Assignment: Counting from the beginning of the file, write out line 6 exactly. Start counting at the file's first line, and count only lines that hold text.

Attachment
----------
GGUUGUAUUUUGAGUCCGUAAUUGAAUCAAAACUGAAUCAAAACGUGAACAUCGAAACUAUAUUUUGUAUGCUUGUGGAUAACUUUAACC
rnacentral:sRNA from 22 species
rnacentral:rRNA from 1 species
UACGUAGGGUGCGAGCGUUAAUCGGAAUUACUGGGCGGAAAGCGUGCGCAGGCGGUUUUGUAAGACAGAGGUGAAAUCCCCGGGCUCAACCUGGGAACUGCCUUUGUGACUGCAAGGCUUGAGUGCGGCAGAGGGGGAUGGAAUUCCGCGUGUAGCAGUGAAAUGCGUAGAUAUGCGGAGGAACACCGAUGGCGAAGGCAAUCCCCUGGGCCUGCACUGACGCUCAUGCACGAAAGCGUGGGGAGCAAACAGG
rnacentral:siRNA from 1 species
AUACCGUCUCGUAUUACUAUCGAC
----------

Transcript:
AUACCGUCUCGUAUUACUAUCGAC